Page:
The trash of life is Elias Sime's art
Ethiopian artist draws deeply on his local culture and love of community to tell stories with found objects.
Courtesy of Bruce Morr/Santa Monica Museum of ARt
Santa Monica, Calif.
In a tiny corner of the sprawling Los Angeles metropolis, a newly discovered artistic voice is speaking softly but articulately in a show that is being "heard" as far away as Addis Ababa and Vienna. Ethiopian artist, Elias Sime, who works with the humblest of materials – think mud, bottle caps, yarn, and buttons – in his first solo US exhibition, "Elias Sime: Eye of the Needle, Eye of the Heart" at the Santa Monica Museum of Art (SMMoA), appears to be a global art star in the making.
"He is one of the great sacred artists of our time," says art impresario Peter Sellars, who co-curated the show.
"He's incredibly talented," says SMMoA director, Elsa Longhauser, who calls him a "world artist" whose work transcends easy ethnic or geographic labels.
Enter the boutique museum space, which nestles in a converted subway station, and in the words of filmmakers Valerie Faris and Jonathan Dayton ("Little Miss Sunshine"), "you immediately feel the power and love and connection Elias has to his materials and his community." Among the 56 works culled from his 20-year career: a series of meticulously decorated goatskins; large canvases featuring a range of "found" materials such as threads, buttons, and bottle caps in both abstract and realistic designs; a parade of tiny monkeys, frogs, and TV sets made of mud; and carved walking sticks.
The pièce de résistance is a series of elaborately carved thrones, decorated with animal skulls, shells, and carvings. The married duo, Ms. Faris and Mr. Dayton, spent their 20th anniversary filming a minidocumentary that has become the exhibition's Catalog and plays continuously in a viewing room. The film reveals Sime as an artist deeply rooted in his local culture. His passion project is an ambitious house that he is constructing from mud and straw and more than a community's worth of creativity, participation, and everyday objects. The team follows Sime through the local Addis Ababa market – one of the largest bazaars in Africa – as he trolls for artifacts and he's seen with local children who scour the byways of the city to find throwaway treasures for his works.
"He is a local hero," says Faris, who adds that the works he creates show the same love, patience, and connection to community that he embodies in his own life. For instance, she says, the sheer time required for the voluminous amount of needlework in many works radiates a message of care.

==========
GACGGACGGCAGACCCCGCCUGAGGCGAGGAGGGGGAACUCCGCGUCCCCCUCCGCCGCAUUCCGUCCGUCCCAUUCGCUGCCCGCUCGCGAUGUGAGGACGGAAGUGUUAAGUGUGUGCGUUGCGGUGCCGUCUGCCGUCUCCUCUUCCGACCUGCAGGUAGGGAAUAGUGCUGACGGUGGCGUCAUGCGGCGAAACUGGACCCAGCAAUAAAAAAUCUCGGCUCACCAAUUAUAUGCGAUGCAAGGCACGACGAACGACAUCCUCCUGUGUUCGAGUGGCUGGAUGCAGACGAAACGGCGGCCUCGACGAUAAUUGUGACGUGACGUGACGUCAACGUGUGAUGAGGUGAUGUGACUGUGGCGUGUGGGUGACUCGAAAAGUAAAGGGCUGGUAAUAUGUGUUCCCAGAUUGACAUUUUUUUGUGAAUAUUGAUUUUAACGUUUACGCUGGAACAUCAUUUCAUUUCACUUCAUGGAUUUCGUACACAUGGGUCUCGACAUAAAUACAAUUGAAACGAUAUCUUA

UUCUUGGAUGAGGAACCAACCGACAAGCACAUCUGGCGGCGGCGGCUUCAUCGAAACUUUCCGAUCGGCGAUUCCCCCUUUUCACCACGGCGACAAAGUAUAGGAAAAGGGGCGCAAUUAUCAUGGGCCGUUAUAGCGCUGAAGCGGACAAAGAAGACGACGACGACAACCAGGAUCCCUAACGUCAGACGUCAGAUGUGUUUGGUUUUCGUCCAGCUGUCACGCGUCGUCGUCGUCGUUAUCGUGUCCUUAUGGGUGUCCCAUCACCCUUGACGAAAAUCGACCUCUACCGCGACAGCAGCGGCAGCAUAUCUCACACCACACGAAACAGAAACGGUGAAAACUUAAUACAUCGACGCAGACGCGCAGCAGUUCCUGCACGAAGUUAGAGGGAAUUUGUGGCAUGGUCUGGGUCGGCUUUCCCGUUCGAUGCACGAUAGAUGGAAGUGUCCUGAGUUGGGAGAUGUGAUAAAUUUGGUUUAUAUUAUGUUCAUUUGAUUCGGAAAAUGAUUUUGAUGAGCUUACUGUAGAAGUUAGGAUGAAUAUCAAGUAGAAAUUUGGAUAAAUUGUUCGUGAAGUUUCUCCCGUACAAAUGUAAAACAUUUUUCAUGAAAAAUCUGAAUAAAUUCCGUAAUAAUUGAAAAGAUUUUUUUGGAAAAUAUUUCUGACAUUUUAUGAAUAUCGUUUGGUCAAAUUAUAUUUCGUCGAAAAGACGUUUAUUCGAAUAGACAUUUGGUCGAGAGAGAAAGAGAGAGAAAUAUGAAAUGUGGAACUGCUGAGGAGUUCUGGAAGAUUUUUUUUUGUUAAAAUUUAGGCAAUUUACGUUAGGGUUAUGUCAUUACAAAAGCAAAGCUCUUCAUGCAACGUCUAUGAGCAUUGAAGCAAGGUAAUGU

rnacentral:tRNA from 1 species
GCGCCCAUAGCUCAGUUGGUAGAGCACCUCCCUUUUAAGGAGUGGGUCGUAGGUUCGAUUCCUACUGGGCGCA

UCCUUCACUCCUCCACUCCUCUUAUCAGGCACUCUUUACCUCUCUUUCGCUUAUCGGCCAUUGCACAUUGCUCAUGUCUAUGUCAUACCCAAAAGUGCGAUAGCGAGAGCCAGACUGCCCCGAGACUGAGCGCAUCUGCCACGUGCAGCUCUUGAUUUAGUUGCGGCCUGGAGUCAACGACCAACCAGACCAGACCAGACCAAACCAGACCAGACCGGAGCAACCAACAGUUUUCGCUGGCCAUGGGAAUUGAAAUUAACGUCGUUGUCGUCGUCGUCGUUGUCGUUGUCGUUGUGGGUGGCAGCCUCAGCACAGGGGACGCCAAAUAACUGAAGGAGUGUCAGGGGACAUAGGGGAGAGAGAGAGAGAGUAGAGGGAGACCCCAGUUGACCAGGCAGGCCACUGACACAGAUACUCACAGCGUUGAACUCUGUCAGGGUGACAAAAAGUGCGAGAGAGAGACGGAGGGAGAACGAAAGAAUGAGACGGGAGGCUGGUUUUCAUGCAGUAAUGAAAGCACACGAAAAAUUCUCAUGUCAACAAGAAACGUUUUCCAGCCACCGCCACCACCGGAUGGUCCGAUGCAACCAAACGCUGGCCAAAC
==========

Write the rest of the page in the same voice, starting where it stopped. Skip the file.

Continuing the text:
"There is no such thing as trash for Elias," says Mr. Sellars, who first championed the artist two years ago when he produced a show in Vienna as part of the city's celebration of Mozart's 250th birthday. "Everything is part of the larger interconnectedness of our world for him." Sime is not a religious artist in a conventional tradition of pious imagery, but rather in the way in which he elevates and cherishes the everyday, Sellars says. "These things all have history, stories, and life which he honors when he uses them."
While the ordinariness of the materials might lead some to relegate the work to the level of craft or folk art, that would be a mistake, says SMMoA's Ms. Longhauser. "This is very knowing art," she says, pointing to the sophistication of the designs as well as the techniques.
Indeed, Sellars says, during the Vienna festival, Sime's work involved creating new troughs of fresh mud daily, which he did in a performance space. Elias dressed for the occasion, and one day he even wore a three-piece suit. "The children loved that," Sellars says.
The artist attended design school in Addis Ababa, not by choice but because the school, then under Russian administration, assigned students an area of study. But once he emerged, he began to explore his artistic inclinations. Early works, such as a collage depicting the sort of mobile grocery store once common in Ethiopia, show his affection for recycled materials (his signature is hidden in a bottle cap).
Sime's affinity for found objects is not ironic in the tradition of Western artists such as Marcel Duchamp, who framed a toilet as a satiric statement about notions of art. Rather, says Sellars, his appreciation for the possibilities of his environment is a spirit he shares with other African artists who, adds art critic Edward Goldman, do not have the luxury of waste.
Peter Clothier, a British critic and former dean of the Otis College of Art and Design in Los Angeles, calls Sime a modern shaman, an artist who understands the spiritual connection between life and art.
"At once primitive in their magic and intensely contemporary in aesthetic sophistication," he says of the works, which might suggest a clash of cultures. Or, he says, "the lost mysterious connection between the primitive and the sophisticated. Between the animate and inanimate, nature and artifact. All this and more, wherever your mind can wander with it."
While the exhibit has elicited a strong critical welcome from some, Mr. Goldman takes a wait-and-see attitude. He notes that interest in the art world for works coming from Africa is very high at the moment. He points out that Nigerian artist El Anatsui was one of the stars of this fall's Venice Biennale. Sime is not yet of that caliber, but, Goldman says, "he has promise."
Sime's thrones are slated to appear in a special final performance by the Los Angeles Philharmonic departing conductor Esa-Pekka Salonen in April. On the program: Igor Stravinsky, an early 20th-century modernist, whose work, says Sellars who is directing the event, was greatly influenced by African art.